Father of autistic teen that was Tasered in Mississauga to sue police
Published November 24, 2022 at 10:40 am
The father of an autistic teen who was Tasered by police in Mississauga says he’s not satisfied with a statement issued this week from Peel Regional Police.
Majd Darwich says police officers had many options when they confronted his nonverbal, autistic son Abdullah Darwich, 19, not far from his home in Mississauga on Nov. 4 but they chose to subdue him with force.
He was nearly naked and was no match for police, Darwich tells insauga.com.
“He hasn’t any weapon, no knife, no gun, nothing with him. I mean, and he is alone, and you are about 10 policemen surrounding him,” he says. “Why don’t they try the other options?”
The incident happened only a few houses away and police could have checked who was on the vulnerable person registry in the neighbourhood and they would have found Abdullah.
Police say they Tasered the teen after they received a report of “a suspicious person in a state of undress, attempting to enter a vehicle and a house.”
Yesterday (Nov. 24), police issued a public statement, saying they are conducting a review of the case.
But Darwich says this isn’t enough — he wants the officers involved to face some kind of consequences.
“They should have a special training, they should feel that they did something wrong,” he says.
Darwich has met with senior Peel police officers and discussed the incident. Police suggested he file a complaint with the Office of the Independent Police Review Director.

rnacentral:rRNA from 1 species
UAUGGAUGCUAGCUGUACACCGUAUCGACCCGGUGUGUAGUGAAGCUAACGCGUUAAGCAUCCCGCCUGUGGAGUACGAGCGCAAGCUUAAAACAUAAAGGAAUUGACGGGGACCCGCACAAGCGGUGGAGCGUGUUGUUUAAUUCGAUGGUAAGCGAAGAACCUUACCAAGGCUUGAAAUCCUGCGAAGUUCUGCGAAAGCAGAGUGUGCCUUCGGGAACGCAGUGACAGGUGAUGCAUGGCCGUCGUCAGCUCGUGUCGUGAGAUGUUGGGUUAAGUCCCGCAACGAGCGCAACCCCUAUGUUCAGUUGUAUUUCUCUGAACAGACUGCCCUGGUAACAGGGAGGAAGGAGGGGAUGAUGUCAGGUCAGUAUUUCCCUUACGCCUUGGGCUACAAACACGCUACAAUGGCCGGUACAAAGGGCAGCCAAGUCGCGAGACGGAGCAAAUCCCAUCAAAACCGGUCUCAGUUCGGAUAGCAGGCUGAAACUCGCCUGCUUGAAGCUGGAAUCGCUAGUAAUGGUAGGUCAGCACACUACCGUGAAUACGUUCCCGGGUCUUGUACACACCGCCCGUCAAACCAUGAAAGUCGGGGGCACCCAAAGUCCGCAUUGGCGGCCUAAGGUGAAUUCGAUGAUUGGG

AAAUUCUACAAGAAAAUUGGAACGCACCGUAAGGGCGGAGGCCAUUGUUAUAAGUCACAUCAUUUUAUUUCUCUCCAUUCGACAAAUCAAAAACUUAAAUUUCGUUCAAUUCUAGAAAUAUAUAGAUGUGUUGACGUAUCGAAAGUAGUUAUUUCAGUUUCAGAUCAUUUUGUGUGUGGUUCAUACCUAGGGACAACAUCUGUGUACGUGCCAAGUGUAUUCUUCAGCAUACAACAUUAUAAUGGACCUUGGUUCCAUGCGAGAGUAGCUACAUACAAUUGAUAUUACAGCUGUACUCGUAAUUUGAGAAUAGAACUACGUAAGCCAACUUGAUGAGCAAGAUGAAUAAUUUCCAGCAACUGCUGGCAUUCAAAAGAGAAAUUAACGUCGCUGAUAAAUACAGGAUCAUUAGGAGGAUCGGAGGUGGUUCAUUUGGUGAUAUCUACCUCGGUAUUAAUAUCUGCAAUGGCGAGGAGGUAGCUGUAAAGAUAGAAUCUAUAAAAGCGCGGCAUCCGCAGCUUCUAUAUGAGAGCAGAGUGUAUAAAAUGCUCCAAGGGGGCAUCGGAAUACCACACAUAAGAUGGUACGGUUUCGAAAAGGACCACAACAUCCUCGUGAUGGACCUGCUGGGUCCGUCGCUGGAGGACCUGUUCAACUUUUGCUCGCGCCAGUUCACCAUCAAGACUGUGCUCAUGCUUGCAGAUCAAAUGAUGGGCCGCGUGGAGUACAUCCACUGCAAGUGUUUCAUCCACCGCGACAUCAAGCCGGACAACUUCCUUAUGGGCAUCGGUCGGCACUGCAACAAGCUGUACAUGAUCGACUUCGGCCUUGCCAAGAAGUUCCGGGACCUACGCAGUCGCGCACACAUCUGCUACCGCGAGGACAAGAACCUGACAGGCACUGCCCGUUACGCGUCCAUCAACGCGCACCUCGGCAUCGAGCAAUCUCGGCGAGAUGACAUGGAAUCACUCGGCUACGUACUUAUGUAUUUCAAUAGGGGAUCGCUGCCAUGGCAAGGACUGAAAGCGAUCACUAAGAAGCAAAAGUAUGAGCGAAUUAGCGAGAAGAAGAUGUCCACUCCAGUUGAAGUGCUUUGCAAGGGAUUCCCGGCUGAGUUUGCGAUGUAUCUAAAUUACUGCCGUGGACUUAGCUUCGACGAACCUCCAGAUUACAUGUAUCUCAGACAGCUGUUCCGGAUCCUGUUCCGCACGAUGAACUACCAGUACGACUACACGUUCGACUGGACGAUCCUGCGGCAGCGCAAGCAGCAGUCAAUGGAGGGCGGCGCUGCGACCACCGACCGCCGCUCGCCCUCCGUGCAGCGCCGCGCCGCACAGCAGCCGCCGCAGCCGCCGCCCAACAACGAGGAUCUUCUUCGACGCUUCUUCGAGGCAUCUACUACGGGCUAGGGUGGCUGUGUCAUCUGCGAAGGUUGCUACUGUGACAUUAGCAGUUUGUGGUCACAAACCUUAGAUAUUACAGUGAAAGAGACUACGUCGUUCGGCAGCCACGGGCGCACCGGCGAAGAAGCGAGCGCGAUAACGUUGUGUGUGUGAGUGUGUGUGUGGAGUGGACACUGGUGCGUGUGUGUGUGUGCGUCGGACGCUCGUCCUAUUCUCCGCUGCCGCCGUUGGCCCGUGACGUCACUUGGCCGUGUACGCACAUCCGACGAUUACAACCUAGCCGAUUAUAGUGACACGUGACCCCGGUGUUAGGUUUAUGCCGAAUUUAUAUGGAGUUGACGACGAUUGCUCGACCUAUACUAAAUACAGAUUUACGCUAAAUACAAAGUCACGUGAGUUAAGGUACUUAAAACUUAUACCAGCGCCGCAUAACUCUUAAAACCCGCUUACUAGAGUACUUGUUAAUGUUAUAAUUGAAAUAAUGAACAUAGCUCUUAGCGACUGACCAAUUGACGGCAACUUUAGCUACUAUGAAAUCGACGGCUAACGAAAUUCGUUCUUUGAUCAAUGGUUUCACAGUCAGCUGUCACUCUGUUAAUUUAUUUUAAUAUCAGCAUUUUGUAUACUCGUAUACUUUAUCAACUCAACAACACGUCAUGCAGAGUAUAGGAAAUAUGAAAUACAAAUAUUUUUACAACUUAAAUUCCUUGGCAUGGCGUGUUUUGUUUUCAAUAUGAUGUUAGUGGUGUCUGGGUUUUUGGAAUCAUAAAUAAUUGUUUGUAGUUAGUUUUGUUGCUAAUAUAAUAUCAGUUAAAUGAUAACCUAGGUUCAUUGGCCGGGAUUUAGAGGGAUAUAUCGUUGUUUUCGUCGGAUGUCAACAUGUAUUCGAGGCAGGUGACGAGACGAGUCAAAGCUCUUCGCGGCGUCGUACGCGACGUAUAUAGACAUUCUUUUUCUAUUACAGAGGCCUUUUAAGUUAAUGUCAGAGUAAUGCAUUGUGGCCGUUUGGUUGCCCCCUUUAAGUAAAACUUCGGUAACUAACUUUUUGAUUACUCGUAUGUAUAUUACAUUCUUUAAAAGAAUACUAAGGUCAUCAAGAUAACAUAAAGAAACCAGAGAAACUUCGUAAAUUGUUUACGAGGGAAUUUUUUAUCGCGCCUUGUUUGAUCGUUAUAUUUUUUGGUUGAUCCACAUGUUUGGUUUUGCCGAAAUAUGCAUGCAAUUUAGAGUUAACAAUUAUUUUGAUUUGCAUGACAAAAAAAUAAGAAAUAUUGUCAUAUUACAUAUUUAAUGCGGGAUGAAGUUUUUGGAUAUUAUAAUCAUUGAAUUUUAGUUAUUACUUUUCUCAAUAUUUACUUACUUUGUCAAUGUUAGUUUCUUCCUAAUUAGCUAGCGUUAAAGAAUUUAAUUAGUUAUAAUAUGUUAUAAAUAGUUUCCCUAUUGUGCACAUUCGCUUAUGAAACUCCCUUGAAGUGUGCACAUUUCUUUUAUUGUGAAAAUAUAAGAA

But Darwich doesn’t want another review and he has consulted with a lawyer.
“I need the law to be applied in this situation,” he says. “I have already started suing.”
The officers involved need to consider the pain they cause people when Tasering — it should only be a last resort, he adds. Abdullah was sent to hospital with injuries all over his body.
“It should be the last thing, not the first thing they are using,” he says.
The officers told Darwich that they thought Abdullah was on drugs. But Darwich says his son was harmless and didn’t need such a physical response.
“It’s not the right way to deal with a young boy playing with the leafs.”
Abdullah’s physical injuries are healing but his distrust of people and fearfulness continue.
“Psychologically, he is not well.”
By speaking out, Darwich hopes there will be change.
“My main concern is that this will not happen to Abdullah or other children like him in future.”insauga's Editorial Standards and Policies advertising